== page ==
With so many great games available for PS5, it’s inevitable that some of them are going to slip through the net.
High-profile releases like Horizon Forbidden West, God of War Ragnarok, and Marvel’s Spider-Man 2 hog the limelight, but while those games are excellent (or looking promising in the case of Spider-Man 2), this means there are a ton of excellent games that you may not have tried.
If you’ve got a PS5 and you’re looking for something fresh to check out, here are the 10 most underrated PS5 games you can play right now!
A quick note: our definition of “underrated” doesn’t necessarily refer exclusively to sales or to critical acclaim, but more to games we feel have somewhat flown under the radar. Let’s begin!
1. Demon’s Souls
By most people’s metrics, Demon’s Souls counts as a success, but we feel it’s gotten somewhat lost in the PS5 exclusive noise.
Bluepoint’s reimagining of From Software’s Soulslike template is beautiful, lushly orchestrated, and full of brutally difficult challenges.
It might not be the most original prospect on the list – after all, it’s a remake of a PS3 exclusive that was itself pretty underrated – but it deserves another look now that the dust has settled.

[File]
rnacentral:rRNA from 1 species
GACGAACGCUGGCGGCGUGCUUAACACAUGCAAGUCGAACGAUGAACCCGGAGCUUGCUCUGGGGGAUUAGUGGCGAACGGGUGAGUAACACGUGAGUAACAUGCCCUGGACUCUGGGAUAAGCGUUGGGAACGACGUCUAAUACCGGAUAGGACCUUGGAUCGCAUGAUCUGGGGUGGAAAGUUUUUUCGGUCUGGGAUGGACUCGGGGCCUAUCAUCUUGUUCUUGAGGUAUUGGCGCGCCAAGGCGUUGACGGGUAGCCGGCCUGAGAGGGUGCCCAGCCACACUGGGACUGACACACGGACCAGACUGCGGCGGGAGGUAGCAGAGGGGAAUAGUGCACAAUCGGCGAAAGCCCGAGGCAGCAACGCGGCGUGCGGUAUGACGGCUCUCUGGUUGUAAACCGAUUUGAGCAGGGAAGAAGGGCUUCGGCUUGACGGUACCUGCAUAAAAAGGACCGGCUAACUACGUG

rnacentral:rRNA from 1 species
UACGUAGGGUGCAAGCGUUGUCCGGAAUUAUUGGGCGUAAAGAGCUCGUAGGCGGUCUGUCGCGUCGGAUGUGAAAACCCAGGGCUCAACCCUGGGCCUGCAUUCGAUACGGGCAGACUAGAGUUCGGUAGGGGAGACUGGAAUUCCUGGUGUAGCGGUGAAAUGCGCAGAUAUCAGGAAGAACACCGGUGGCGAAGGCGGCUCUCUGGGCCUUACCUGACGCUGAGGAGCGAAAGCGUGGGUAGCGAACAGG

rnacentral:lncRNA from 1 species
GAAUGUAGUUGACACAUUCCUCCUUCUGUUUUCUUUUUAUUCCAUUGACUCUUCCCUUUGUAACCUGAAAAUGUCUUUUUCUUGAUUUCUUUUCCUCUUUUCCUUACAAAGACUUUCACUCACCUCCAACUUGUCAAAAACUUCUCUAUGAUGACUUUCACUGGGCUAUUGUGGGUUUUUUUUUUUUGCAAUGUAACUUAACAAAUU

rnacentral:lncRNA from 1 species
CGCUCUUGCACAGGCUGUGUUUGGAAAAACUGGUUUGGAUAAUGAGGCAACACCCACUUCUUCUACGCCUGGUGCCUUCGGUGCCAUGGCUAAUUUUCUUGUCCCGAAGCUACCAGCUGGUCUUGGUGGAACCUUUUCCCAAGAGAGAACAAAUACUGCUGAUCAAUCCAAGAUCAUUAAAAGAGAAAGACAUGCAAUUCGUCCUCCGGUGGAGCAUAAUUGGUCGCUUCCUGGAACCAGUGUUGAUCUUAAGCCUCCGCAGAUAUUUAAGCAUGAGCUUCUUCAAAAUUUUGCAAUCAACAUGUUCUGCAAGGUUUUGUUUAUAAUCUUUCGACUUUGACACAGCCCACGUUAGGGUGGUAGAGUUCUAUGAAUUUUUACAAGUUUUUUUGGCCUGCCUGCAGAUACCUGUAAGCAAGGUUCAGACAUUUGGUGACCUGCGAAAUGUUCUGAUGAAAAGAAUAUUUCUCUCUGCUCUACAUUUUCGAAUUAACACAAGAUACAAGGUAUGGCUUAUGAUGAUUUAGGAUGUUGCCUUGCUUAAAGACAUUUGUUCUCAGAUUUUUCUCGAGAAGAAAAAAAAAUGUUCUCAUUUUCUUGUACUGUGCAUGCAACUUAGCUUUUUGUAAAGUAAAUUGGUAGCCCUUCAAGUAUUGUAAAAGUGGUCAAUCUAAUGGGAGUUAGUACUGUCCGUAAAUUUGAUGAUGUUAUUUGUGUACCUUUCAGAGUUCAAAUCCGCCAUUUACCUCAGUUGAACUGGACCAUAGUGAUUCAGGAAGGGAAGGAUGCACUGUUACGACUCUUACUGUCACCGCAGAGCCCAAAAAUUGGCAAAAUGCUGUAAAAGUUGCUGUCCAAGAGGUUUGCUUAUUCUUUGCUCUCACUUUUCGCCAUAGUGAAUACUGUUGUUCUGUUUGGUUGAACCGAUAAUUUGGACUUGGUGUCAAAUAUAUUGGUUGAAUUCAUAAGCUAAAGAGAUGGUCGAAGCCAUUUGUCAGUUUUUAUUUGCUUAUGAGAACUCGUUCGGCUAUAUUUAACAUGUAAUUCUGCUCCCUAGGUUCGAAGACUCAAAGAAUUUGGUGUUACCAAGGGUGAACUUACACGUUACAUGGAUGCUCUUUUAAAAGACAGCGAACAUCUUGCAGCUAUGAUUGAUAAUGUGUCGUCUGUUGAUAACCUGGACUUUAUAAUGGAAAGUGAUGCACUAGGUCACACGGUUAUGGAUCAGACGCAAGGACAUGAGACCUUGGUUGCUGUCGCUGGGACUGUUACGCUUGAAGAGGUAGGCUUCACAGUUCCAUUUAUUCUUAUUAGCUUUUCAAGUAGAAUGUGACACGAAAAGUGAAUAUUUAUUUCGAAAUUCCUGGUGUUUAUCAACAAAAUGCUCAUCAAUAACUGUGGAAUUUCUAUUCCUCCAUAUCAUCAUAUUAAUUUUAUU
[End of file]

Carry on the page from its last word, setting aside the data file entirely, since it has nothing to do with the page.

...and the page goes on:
Returnal isn’t a perfect game, but it’s a unique one, and it’s another game to check out if your principal concern is challenge rather than spectacle.
Don’t get us wrong; Returnal is a beautiful game, but its main concern is its roguelite third-person shooter gameplay, which it pulls off with panache.
With strong enemy and level design, great shooting, and a surprisingly involved (albeit somewhat confusing) plot, Returnal deserves to be revisited and appreciated for the achievement that it is.
3. Sackboy: A Big Adventure
To our minds, Sackboy: A Big Adventure is easily superior to LittleBigPlanet. Created by Sumo Digital rather than Media Molecule, Sackboy focuses on crafted levels rather than user-generated content, and that works to the game’s benefit.
Levels are delightfully varied and fun, with the clear highlight being the musical stages that set platforming action to well-known pop songs like Britney Spears’ “Toxic” or “Let’s Dance” by David Bowie.